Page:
Juana relates the tale of Sor Juana Inés de la Cruz, a Hieronymite nun and feminist scholar in 17th century Mexico City whose daring brilliance in poetry and the sciences earned the admiration — and eventual ire — of the Spanish court. The production comes on the heels of a renewed interest in the once-forgotten figure, including a 2016 Netflix biopic series.
Lucero’s work is based on the 1999 novel Sor Juana’s Second Dream by Alicia Gaspar De Alba, with whom Lucero co-wrote the libretto. Renowned opera vocal and diction coach Lucy Tucker Yates lent her talents to the production. Tucker Yates, who is married to CalArts President Ravi Rajan, currently serves at UCLA’s Herb Alpert School of Music in the Voice and Opera program, and as a production dramaturg and language coach at the New York City Opera.
A recent article in the Los Angeles Times notes Lucero’s experience working on Juana:
For Lucero, Juana is a labor of love. She already had wanted her second opera (her first, Wuornos, portrayed serial killer Aileen Wuornos) to be about Sor Juana when she discovered De Alba’s novel in 2002. The project has been a 17-year effort, with interruptions for other work. The score offers an occasion for the Bay Area composer to incorporate what might seem contradictory strengths: a background in the avant-garde at the California Institute of the Arts, work in television and film, along with — as a Latina herself — an abiding interest in indigenous Mexican music.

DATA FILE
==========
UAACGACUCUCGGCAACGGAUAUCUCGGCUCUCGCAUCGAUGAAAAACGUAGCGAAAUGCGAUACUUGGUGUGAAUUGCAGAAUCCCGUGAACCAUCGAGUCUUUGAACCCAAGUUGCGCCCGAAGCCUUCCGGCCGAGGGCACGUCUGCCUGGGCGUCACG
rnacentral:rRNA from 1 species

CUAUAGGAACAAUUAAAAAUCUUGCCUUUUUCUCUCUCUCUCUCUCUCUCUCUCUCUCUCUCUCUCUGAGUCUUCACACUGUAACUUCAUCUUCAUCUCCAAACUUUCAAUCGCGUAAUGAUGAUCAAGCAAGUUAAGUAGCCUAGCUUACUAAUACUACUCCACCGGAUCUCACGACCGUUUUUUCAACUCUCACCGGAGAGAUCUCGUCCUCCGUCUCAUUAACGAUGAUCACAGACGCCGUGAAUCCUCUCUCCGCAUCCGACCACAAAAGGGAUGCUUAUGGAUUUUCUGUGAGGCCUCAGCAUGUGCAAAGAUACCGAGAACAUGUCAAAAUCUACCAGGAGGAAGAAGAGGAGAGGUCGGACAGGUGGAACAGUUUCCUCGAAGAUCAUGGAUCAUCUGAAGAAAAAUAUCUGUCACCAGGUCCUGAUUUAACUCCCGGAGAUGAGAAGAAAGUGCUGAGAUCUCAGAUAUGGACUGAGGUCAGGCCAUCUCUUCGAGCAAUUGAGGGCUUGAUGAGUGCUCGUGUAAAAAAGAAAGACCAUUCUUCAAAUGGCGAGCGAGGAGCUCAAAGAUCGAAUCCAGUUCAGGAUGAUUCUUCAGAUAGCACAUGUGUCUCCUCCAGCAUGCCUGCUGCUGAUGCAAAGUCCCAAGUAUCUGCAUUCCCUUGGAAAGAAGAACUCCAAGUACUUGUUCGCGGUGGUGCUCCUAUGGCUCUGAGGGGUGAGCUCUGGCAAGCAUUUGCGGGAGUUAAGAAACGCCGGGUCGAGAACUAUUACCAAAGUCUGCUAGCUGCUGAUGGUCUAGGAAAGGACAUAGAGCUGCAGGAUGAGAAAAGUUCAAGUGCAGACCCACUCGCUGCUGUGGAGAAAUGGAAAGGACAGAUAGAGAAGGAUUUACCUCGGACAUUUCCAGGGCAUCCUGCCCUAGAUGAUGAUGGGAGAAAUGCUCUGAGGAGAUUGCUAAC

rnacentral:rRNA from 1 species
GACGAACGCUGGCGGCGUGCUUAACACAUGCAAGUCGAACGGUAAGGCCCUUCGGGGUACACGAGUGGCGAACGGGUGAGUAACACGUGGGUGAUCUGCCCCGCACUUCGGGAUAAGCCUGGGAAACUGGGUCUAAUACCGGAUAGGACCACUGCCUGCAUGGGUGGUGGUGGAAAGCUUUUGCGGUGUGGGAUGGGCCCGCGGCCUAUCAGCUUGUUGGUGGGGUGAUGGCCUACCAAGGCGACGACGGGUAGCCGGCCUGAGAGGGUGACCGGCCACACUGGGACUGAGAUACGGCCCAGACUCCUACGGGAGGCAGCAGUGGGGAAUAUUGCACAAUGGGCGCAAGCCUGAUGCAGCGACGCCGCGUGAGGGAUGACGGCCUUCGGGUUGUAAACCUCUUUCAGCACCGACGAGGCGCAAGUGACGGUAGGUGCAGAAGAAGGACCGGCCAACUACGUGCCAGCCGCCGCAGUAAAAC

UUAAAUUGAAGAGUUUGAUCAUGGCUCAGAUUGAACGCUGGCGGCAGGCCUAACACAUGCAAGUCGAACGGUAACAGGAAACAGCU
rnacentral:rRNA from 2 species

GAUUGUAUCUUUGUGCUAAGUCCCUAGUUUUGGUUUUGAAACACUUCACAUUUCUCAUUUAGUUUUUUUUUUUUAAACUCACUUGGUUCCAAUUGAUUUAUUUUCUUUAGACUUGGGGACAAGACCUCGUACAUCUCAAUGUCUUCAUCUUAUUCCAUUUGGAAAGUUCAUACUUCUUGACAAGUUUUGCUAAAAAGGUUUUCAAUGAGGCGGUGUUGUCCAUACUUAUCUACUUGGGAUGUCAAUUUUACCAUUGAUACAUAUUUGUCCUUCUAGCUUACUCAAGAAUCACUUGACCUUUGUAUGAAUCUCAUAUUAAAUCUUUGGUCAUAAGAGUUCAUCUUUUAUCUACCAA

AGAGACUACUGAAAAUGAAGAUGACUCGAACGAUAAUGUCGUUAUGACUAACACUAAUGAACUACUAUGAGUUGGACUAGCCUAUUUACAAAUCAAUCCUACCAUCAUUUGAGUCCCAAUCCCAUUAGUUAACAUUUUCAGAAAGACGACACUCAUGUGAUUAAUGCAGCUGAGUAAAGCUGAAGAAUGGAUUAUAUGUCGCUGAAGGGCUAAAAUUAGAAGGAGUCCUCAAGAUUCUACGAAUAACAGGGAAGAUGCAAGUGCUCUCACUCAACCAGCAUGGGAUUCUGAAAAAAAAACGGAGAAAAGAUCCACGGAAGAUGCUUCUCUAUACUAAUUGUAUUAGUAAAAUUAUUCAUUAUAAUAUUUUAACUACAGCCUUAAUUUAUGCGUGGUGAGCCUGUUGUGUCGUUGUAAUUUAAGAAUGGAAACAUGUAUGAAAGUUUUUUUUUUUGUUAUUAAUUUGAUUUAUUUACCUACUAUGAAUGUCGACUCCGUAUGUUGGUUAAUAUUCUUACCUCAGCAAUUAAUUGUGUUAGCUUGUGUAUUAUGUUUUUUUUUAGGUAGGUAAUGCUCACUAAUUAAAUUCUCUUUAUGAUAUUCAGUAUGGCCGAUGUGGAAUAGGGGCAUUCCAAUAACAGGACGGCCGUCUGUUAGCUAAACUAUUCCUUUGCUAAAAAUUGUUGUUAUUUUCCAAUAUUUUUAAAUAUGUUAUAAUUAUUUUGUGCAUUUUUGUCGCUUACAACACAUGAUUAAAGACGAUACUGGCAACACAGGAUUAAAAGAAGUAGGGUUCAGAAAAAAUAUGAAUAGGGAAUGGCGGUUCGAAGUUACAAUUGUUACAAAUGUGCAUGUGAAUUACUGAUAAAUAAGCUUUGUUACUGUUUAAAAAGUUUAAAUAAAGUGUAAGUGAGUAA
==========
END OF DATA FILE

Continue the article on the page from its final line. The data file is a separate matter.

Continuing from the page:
Lucero was admitted to CalArts in 1986 as a piano major, but quickly found her passion for composition and was accepted to the composition program in her second year. She studied under former music faculty members Rand Steiger, Morton Subotnick and Leonard Rosenman. She is the 2019 recipient of an Opera America Discovery Grant from the Opera Grants for Female Composers program. Lucero currently serves as faculty at the Academy of Art University in San Francisco.
She already has set her sights set on another project titled touch, based on the life of author and activist Helen Keller.
Read more about Juana in this recent Los Angeles Times article.